I don’t generally deal in Christmas thoughts, so consider this a rarity.
Yesterday morning I was a pretty sick puppy. My daughter, Julie, had come to bring our granddaughter over for Sara to watch while she volunteers a few hours at her older child’s kindergarten. When she got to school she told Aimee that Grandpa was pretty sick. Aimee felt bad for me. Later, Julie noticed Aimee feverishly working at the craft table during some of her free time. My daughter wondered could she be doing with such intensity. When she went over to look, Aimee told her that she was making a card for Grandpa because she wanted him to feel better. Did I ever!
My daughter brought the heart-shaped, orange card to me after school when she came to pick up Lindsay. She told me the story of Aimee thinking up the idea and making the card on her own. Amazing. I stood in awe that my granddaughter in the midst of her school day would even think to try to make me a card. The drawings on it and the plea to “Grandpa, feel better,” touched a deep place in my soul. Tears of absolute wonder and joy began to pool in my eyes. Of course, I would get better. Aimee wants me to.
You can see the front and back of her card here. You couldn’t sell this card in any store in America, but Hallmark has never printed the card of more exquisite beauty or more touching a message. You see, it is not the quality of the card that defines the one who gives it. It’s the quality of the one giving it that brings beauty and meaning to the card.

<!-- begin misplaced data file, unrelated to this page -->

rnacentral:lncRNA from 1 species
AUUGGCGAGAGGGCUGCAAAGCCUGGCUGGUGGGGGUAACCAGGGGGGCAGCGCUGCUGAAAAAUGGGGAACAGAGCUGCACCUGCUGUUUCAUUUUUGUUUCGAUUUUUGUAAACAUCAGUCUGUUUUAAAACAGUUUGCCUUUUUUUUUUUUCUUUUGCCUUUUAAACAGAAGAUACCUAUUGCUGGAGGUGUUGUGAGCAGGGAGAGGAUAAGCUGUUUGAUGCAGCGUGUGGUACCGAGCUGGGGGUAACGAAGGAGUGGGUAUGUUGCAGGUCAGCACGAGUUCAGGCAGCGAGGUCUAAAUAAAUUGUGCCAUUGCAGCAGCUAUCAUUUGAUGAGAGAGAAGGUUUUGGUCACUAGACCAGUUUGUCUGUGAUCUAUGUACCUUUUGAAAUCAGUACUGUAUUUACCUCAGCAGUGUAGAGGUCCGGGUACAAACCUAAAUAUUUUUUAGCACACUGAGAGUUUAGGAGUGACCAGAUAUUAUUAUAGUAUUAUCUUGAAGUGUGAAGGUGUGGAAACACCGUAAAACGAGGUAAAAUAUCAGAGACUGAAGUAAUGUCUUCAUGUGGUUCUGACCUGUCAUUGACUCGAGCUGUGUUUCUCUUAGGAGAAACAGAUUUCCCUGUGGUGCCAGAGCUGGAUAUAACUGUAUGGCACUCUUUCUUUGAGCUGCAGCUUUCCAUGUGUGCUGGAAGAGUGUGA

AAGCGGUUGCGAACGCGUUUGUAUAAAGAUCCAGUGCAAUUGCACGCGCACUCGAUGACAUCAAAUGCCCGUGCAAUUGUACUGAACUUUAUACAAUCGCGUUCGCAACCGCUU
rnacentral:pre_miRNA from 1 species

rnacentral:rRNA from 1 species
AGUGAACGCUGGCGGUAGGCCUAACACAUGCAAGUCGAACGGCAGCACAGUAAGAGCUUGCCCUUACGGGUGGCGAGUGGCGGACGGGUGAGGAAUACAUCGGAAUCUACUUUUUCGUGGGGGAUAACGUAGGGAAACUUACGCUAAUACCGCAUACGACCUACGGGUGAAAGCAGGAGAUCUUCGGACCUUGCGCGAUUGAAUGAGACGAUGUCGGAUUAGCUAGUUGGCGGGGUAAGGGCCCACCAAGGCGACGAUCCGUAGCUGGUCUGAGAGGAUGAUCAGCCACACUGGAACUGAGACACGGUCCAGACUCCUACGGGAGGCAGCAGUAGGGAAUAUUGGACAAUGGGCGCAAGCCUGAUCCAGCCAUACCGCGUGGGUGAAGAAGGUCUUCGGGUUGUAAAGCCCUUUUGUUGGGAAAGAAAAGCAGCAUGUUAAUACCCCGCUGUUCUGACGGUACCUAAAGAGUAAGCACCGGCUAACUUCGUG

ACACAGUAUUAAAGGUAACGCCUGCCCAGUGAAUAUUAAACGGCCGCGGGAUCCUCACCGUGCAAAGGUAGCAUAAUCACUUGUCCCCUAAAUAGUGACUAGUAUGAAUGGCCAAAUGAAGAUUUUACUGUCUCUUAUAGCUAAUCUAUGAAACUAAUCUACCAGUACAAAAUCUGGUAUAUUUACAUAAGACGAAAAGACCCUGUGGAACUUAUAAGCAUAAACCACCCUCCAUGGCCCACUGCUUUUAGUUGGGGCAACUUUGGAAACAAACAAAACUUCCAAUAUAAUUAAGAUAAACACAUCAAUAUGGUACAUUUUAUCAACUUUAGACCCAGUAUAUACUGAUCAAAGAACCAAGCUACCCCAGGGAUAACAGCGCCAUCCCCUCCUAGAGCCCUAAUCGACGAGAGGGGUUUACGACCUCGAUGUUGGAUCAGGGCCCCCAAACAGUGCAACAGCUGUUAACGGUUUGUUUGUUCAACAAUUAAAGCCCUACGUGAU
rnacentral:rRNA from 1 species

I think the same is true of our lives, especially in relationship with God. Religious obligation led us to believe that our worthiness to God derived from the quality of work we can do, the gifts we can give, or the heights we can achieve. Jesus taught us something different. Because we are already special to God, even our most immature and faltering attempts bring great joy to his heart. The gift doesn’t qualify the giver; the giver qualifies the gift.
That’s why Aimee’s card is a treasure to me. It represents the best gift she could give at this stage of her life and growth. I’m sure a card she’ll give me when she’s 15 or 24 will look quite different indeed. They will be special in their own way as well, but how could they be more special than this one even if the artwork is better, the cut lines cleaner, or the handwriting more fanciful?
By the same token I’ve known husbands to give extravagant gifts to their wise as a substitute for not loving them over the course of the day. Because the life it comes from is empty, so is the gift even if it is costly. It’s how we live and love that matters most, to God and others. It’s not the size or cost of the gift we bring; it’s what it expresses about the life behind it.
I will treasure this card for a long time! It has six-year-old Aimee pouring out of ever cut, letter, and sketch. It connects me to the one I love so deeply and with whom I share a wonderful grandpa-granddaughter relationship. When I see her card it warms my heart with her love, and it reminds me that God’s not evaluating today how good my efforts compare to anyone else’s. He’s just thrilled that they celebrate the growing bond between us, and they are what I can offer him today taking into account where I am on this journey.
Where’s the Christmas thought in all of this? Don’t get caught up in gift-giving as if your gift has to be good enough to earn their love. If they don’t already, no gift will change their mind longer than for a few moments. And if they already love you it won’t matter what the gift is because they will care about the friendship most of all.